I just finished reading Peter Sloterdjik’s tribute to Derrida, titled “Derrida, An Egyptian”. Postmodern deconstructionists are generally clowns, but the book was fantastic. Sloterdjik does a beautiful job. Here are some of my favorite quotes from the book:
A sharp-witted hetero-Egyptian brought into Egypt through a second distortion could indeed have the ability to understand the homo-Egyptians better than they understood themselves. This hermeneutical superiority would be a gift bestowed by his specific marginality — and would in fact transpire to be the key to Joseph’s success in Egypt.
‘Egyptian’ is the term for all constructs that can be subject to deconstruction — except for the pyramid, that most Egyptian of edifices. It stands in its place, unshakable for all time, because its form is nothing other than the undeconstructible remainder of a construction that, following the plan of its architect, is built to look as it would after its own collapse.
Hehe, honesty is great:
Whoever chooses exposes himself to the risk of identification, which is precisely what Derrida was always most concerned to avoid.
Speaking of the Exodus:
All of a sudden, the divine changes hands: is passed from the architects to the archivists. From a monument, it becomes a document.
So close to Barfield, yet so far away:
Every sign, according to Hegel, is ‘the pyramid into which a foreign soul has been conveyed … and is preserved’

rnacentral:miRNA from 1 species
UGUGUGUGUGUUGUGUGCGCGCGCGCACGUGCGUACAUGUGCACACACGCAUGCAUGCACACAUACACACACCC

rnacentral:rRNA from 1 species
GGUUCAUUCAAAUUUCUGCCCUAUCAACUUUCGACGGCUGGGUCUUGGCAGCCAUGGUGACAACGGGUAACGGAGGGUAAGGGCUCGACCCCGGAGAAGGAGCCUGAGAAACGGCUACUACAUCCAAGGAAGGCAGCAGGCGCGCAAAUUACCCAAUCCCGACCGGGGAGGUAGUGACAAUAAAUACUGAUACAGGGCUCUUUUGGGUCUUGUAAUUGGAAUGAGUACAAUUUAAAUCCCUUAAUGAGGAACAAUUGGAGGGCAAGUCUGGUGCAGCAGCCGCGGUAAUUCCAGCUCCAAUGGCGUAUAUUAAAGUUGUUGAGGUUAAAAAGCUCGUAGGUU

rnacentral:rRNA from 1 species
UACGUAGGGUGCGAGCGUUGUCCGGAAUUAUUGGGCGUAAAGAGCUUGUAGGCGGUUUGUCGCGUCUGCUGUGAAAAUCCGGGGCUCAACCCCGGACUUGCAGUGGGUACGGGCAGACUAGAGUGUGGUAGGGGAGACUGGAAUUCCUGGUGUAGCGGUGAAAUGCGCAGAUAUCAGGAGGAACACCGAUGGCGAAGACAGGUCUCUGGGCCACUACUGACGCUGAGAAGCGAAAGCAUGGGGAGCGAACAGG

This is the dream of reductionism:
If he is to bring his theory of the spirit to its goal, he cannot waste any time with the weight of the pyramids or the enigmatic nature of the hieroglyphs; both must be overcome, until the spirit can clothe itself in a shell of language whose lightness and translucence allow it to forget that it needs any external addition.
I speak Chinese, and he’s wrong about this next quote (the ugly old Saphir-Whorf fallacy). But it’s pretty anyhow:
In this sense, the Egyptians remain eternal prisoners of externality to Hegel, like the Chinese, whose language and writing form one giant system of barriers and disturbances that render impossible the fulfilled moment in which the spirit, distancelessly attendant on itself, hears itself speak.
This final one brings to mind Scruton’s “Beauty”:
The pyramid’s chamber is thus likewise an object that can be sent on a journey — it especially likes to land in those areas of the modern world in which people are obsessed with the notion that artistic and cultural objects should be conserved at any cost. …where selected objects are mortified, defunctionalized, removed from all profane uses, and offered up for reverent viewing.